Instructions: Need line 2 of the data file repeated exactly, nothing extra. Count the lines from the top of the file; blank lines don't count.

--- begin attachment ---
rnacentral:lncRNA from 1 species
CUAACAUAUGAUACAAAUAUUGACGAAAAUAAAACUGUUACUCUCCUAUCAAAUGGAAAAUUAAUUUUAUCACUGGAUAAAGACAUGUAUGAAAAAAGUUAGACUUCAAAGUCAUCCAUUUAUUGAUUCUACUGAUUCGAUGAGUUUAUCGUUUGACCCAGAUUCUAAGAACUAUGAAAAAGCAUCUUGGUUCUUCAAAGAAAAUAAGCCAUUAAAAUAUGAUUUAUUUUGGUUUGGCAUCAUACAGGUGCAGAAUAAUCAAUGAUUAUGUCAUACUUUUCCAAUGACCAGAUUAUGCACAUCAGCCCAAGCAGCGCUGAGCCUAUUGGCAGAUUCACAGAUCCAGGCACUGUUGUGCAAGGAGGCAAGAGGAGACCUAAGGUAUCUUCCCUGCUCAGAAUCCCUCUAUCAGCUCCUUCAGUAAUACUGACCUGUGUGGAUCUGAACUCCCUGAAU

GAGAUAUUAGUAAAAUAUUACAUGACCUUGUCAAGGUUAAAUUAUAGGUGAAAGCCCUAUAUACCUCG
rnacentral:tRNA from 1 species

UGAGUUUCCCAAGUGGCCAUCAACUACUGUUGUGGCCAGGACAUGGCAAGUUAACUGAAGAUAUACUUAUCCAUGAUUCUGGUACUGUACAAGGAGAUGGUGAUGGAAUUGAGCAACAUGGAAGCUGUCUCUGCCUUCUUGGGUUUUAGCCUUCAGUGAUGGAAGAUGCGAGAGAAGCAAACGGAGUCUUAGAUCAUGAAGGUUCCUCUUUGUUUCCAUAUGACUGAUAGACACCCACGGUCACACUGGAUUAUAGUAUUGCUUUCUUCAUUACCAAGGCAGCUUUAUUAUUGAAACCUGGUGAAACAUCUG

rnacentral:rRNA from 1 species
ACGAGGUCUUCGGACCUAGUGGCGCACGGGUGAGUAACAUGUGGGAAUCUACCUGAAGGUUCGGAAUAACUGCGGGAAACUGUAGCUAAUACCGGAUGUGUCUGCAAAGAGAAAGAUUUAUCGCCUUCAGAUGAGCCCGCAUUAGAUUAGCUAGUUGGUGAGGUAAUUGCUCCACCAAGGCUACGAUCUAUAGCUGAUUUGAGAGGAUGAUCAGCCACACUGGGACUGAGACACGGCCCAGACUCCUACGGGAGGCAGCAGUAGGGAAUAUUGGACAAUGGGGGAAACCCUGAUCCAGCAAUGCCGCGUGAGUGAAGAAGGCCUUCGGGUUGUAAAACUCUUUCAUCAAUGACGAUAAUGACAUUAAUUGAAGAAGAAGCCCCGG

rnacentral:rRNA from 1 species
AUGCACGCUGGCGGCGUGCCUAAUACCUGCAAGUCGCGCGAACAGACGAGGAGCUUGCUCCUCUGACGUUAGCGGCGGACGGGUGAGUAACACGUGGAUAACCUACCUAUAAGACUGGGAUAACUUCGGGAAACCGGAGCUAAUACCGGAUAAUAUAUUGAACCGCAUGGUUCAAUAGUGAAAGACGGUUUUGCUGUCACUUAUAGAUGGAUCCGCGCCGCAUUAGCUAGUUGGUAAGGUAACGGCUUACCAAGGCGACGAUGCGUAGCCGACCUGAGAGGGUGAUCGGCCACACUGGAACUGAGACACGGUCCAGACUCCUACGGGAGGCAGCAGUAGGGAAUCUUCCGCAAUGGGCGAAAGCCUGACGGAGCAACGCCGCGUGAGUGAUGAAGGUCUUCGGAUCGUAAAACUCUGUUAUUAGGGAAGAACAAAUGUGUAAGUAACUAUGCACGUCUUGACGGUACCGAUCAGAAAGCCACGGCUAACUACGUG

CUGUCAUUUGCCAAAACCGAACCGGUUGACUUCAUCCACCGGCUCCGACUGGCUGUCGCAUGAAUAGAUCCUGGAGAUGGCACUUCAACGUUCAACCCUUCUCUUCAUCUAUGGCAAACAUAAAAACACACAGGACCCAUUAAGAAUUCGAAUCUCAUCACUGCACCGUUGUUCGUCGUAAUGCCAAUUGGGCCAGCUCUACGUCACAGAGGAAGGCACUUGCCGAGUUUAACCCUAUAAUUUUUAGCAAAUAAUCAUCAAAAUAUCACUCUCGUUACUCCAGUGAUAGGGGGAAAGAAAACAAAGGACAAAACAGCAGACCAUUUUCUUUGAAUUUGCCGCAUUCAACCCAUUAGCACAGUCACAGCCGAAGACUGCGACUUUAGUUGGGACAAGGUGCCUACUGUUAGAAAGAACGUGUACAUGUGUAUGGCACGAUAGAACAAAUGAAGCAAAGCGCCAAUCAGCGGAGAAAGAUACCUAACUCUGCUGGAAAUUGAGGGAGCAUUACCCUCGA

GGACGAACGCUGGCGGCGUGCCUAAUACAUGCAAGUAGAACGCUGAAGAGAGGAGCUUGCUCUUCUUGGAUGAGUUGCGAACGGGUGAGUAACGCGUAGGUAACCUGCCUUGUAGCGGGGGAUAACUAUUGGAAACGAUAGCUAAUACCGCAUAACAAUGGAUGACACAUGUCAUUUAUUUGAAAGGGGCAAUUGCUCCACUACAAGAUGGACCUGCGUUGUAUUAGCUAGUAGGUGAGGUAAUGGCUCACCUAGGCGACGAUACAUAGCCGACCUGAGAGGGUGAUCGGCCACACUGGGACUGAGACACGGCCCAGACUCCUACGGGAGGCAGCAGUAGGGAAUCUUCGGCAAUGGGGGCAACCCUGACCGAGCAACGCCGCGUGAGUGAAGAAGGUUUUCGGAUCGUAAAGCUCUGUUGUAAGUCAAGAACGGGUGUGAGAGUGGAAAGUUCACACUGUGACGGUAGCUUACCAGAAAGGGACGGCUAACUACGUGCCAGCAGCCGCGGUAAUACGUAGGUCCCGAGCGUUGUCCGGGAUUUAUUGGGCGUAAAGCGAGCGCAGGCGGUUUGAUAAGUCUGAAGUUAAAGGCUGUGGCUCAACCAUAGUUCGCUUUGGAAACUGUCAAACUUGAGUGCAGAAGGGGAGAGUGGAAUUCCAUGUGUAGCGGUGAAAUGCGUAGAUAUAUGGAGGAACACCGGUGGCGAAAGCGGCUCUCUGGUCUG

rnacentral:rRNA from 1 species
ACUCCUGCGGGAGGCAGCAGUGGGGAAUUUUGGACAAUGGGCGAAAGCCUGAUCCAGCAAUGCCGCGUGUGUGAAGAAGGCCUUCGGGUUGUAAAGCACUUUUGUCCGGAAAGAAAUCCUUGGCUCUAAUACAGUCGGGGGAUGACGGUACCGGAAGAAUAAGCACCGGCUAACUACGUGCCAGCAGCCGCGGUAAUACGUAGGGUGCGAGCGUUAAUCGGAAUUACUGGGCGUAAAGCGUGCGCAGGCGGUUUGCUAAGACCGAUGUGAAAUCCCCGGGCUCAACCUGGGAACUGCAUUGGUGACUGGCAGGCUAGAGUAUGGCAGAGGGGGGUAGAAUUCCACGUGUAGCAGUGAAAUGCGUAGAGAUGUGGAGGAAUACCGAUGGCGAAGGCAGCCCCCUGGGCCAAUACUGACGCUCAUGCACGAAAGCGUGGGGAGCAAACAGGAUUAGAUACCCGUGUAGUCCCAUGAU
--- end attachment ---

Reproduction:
CUAACAUAUGAUACAAAUAUUGACGAAAAUAAAACUGUUACUCUCCUAUCAAAUGGAAAAUUAAUUUUAUCACUGGAUAAAGACAUGUAUGAAAAAAGUUAGACUUCAAAGUCAUCCAUUUAUUGAUUCUACUGAUUCGAUGAGUUUAUCGUUUGACCCAGAUUCUAAGAACUAUGAAAAAGCAUCUUGGUUCUUCAAAGAAAAUAAGCCAUUAAAAUAUGAUUUAUUUUGGUUUGGCAUCAUACAGGUGCAGAAUAAUCAAUGAUUAUGUCAUACUUUUCCAAUGACCAGAUUAUGCACAUCAGCCCAAGCAGCGCUGAGCCUAUUGGCAGAUUCACAGAUCCAGGCACUGUUGUGCAAGGAGGCAAGAGGAGACCUAAGGUAUCUUCCCUGCUCAGAAUCCCUCUAUCAGCUCCUUCAGUAAUACUGACCUGUGUGGAUCUGAACUCCCUGAAU